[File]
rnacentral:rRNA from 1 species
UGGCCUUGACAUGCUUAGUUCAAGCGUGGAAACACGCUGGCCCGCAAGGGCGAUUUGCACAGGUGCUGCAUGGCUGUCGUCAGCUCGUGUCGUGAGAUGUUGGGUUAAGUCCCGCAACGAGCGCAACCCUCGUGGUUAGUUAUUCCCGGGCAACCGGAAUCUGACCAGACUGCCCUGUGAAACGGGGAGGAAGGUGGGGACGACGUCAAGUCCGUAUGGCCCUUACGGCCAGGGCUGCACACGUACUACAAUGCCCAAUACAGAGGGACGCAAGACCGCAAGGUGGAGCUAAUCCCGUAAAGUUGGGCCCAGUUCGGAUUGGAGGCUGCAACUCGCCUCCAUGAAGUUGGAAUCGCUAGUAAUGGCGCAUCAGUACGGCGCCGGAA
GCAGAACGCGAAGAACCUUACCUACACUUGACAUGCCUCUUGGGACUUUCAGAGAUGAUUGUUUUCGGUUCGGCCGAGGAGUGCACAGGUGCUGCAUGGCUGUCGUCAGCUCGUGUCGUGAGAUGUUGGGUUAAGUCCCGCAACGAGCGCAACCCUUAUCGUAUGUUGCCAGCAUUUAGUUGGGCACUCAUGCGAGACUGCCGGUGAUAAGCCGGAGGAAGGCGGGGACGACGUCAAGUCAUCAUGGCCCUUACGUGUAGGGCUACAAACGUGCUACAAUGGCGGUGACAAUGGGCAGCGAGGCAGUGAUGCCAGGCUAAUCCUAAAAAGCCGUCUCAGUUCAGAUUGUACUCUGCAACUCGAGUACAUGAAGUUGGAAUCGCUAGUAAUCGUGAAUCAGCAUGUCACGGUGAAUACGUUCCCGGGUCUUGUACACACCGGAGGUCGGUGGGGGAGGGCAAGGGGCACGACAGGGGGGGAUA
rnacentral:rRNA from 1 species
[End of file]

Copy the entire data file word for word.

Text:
rnacentral:rRNA from 1 species
UGGCCUUGACAUGCUUAGUUCAAGCGUGGAAACACGCUGGCCCGCAAGGGCGAUUUGCACAGGUGCUGCAUGGCUGUCGUCAGCUCGUGUCGUGAGAUGUUGGGUUAAGUCCCGCAACGAGCGCAACCCUCGUGGUUAGUUAUUCCCGGGCAACCGGAAUCUGACCAGACUGCCCUGUGAAACGGGGAGGAAGGUGGGGACGACGUCAAGUCCGUAUGGCCCUUACGGCCAGGGCUGCACACGUACUACAAUGCCCAAUACAGAGGGACGCAAGACCGCAAGGUGGAGCUAAUCCCGUAAAGUUGGGCCCAGUUCGGAUUGGAGGCUGCAACUCGCCUCCAUGAAGUUGGAAUCGCUAGUAAUGGCGCAUCAGUACGGCGCCGGAA
GCAGAACGCGAAGAACCUUACCUACACUUGACAUGCCUCUUGGGACUUUCAGAGAUGAUUGUUUUCGGUUCGGCCGAGGAGUGCACAGGUGCUGCAUGGCUGUCGUCAGCUCGUGUCGUGAGAUGUUGGGUUAAGUCCCGCAACGAGCGCAACCCUUAUCGUAUGUUGCCAGCAUUUAGUUGGGCACUCAUGCGAGACUGCCGGUGAUAAGCCGGAGGAAGGCGGGGACGACGUCAAGUCAUCAUGGCCCUUACGUGUAGGGCUACAAACGUGCUACAAUGGCGGUGACAAUGGGCAGCGAGGCAGUGAUGCCAGGCUAAUCCUAAAAAGCCGUCUCAGUUCAGAUUGUACUCUGCAACUCGAGUACAUGAAGUUGGAAUCGCUAGUAAUCGUGAAUCAGCAUGUCACGGUGAAUACGUUCCCGGGUCUUGUACACACCGGAGGUCGGUGGGGGAGGGCAAGGGGCACGACAGGGGGGGAUA
rnacentral:rRNA from 1 species